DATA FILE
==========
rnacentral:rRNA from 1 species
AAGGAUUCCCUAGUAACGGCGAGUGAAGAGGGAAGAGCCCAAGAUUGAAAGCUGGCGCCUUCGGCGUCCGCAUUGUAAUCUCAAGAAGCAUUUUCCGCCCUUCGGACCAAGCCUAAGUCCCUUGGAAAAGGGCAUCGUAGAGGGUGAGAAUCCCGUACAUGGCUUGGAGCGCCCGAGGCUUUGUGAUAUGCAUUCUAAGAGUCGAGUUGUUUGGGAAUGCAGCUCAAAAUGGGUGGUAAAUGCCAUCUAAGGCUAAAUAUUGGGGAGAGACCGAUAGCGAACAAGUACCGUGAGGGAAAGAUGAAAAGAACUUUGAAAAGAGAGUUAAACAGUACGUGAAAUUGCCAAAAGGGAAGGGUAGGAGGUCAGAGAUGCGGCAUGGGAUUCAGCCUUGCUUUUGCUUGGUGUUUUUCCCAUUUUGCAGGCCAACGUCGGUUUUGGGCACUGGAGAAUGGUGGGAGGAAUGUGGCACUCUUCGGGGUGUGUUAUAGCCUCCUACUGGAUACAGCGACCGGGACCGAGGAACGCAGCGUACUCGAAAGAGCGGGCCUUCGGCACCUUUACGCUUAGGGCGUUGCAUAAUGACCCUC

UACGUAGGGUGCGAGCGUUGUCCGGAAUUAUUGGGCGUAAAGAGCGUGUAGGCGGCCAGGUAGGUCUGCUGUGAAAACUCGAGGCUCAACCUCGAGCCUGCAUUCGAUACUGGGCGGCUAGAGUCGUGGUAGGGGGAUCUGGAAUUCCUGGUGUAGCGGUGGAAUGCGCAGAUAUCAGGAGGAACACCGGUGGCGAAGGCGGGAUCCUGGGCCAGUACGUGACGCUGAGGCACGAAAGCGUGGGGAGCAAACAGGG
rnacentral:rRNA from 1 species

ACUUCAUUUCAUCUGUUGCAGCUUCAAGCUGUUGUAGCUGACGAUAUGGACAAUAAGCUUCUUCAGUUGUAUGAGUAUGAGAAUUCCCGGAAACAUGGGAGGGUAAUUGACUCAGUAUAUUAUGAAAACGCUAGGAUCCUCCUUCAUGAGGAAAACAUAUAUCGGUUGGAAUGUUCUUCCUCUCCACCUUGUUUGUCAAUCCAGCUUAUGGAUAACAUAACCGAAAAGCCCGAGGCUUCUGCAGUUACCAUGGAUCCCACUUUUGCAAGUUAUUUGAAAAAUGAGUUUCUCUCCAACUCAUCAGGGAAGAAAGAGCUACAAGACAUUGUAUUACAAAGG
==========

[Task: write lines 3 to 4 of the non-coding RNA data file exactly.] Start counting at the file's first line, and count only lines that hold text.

UACGUAGGGUGCGAGCGUUGUCCGGAAUUAUUGGGCGUAAAGAGCGUGUAGGCGGCCAGGUAGGUCUGCUGUGAAAACUCGAGGCUCAACCUCGAGCCUGCAUUCGAUACUGGGCGGCUAGAGUCGUGGUAGGGGGAUCUGGAAUUCCUGGUGUAGCGGUGGAAUGCGCAGAUAUCAGGAGGAACACCGGUGGCGAAGGCGGGAUCCUGGGCCAGUACGUGACGCUGAGGCACGAAAGCGUGGGGAGCAAACAGGG
rnacentral:rRNA from 1 species